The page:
In the post pandemic world, banking has increasingly become a digital-first environment. Digital wallets, such as PayPal and Venmo, have become increasingly popular in recent years, offering consumers an easy and convenient way to make payments and transfer money.
This increased competition can make it more difficult for traditional financial institutions to retain customers and attract new ones, but it can also drive innovation and improve the overall quality of financial services for consumers.
Gone are the days when legacy banks struggled to compete with their new-age counterparts. Instead, legacy banks are now investing in and implementing new technologies such as mobile banking apps, online account opening, and digital onboarding processes to provide a more seamless and convenient experience for customers.
Many banks are partnering with fintech companies to access new technologies and stay competitive in the digital space. Some are also opening digital-only branches or providing more self-service options for customers.
Legacy banks are now diversifying their product offerings to match or exceed those of neo-banks. Some are even offering more competitive interest rates, lower fees, and a wider range of financial products and services, such as savings accounts, credit cards, loans, and investment products. Many legacy banks now offer in-person account opening, personal financial advice and help with financial planning.
Legacy banks advantages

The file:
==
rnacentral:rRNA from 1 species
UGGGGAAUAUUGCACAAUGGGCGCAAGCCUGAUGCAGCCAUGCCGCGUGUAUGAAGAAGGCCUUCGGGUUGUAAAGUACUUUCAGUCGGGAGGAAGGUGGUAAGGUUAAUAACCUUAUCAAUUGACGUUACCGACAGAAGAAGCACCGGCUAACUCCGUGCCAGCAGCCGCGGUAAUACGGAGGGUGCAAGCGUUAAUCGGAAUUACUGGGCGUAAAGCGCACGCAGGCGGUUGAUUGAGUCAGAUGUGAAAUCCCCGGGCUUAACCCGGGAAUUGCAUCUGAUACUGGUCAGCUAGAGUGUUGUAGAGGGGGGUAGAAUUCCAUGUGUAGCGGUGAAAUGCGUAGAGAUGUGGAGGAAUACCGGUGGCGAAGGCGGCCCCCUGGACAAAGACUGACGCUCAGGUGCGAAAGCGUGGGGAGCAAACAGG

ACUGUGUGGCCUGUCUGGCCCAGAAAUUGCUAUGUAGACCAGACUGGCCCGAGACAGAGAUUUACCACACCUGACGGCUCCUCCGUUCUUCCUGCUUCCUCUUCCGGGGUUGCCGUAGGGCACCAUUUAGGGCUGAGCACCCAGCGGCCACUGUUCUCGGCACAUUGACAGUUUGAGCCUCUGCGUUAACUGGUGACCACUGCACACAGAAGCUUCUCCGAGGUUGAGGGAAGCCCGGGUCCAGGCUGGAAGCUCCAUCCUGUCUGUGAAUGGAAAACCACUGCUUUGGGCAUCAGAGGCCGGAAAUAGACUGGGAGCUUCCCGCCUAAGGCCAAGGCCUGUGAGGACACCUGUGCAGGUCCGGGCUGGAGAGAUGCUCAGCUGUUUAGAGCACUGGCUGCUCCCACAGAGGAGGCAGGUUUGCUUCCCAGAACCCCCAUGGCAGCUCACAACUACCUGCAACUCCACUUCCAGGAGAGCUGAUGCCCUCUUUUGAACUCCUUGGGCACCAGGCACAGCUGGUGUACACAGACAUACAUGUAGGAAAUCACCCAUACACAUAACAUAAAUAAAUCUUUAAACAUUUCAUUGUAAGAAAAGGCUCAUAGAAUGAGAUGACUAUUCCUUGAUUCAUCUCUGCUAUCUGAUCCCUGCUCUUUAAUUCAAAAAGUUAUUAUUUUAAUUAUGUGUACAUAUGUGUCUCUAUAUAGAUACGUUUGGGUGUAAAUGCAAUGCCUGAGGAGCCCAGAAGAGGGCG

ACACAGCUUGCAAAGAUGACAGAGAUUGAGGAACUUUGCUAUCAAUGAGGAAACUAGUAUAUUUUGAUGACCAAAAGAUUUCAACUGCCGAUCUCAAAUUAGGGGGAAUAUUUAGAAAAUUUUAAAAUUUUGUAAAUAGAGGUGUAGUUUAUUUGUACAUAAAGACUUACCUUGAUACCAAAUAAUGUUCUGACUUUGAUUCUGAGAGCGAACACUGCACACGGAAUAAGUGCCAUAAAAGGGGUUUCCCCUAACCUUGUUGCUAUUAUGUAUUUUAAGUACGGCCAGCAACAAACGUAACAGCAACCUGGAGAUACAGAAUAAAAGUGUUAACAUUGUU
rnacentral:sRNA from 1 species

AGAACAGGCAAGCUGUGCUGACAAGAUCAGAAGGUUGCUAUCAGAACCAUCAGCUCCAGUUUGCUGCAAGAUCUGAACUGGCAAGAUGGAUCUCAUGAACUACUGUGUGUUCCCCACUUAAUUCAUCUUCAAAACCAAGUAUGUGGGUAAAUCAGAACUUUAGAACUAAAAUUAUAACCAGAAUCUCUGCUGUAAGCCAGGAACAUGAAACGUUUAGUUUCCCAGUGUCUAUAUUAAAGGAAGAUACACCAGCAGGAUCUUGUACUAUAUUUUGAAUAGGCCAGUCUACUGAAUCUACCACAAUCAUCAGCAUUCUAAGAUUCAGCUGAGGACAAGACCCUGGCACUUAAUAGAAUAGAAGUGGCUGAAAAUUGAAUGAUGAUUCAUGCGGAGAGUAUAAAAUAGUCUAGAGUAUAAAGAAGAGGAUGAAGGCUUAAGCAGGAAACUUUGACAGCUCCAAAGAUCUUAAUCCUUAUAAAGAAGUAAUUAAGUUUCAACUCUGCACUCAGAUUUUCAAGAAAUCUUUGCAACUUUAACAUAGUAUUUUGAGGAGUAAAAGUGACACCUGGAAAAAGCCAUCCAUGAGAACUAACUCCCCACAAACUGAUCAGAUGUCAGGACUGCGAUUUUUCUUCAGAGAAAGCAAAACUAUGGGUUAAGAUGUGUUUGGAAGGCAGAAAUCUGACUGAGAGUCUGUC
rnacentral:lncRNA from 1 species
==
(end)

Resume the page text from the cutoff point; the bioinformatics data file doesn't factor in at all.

Moreover, by leveraging their established brand and reputation, they are often viewed as more trustworthy and reliable due to their long history and government regulation, some legacy banks are on their way to getting a leg up over neo-banks. Legacy banks also have several other advantages, such as their large customer base, an established infrastructure, experience in regulatory compliance. Banks can leverage these to offer customers new services spanning from new digital in-branch services to wealth management and insurance.
On the other hand, neo-banks have been struggling with profitability because they are often unable to generate enough revenue to cover their costs, which include regulatory compliance, technology, and customer acquisition. Additionally, many neo-banks are focused on a narrow range of products, such as current accounts and debit cards, which limits their ability to generate revenue from other sources.
Legacy banks can also leverage APIs, Cloud, open banking and explore partnerships with brands and fintechs to create new digital products and services, cut costs, improve customer retention, and ensure a continual and seamless evolution of their products and services.
John Barber is VP Europe, Infosys Finacle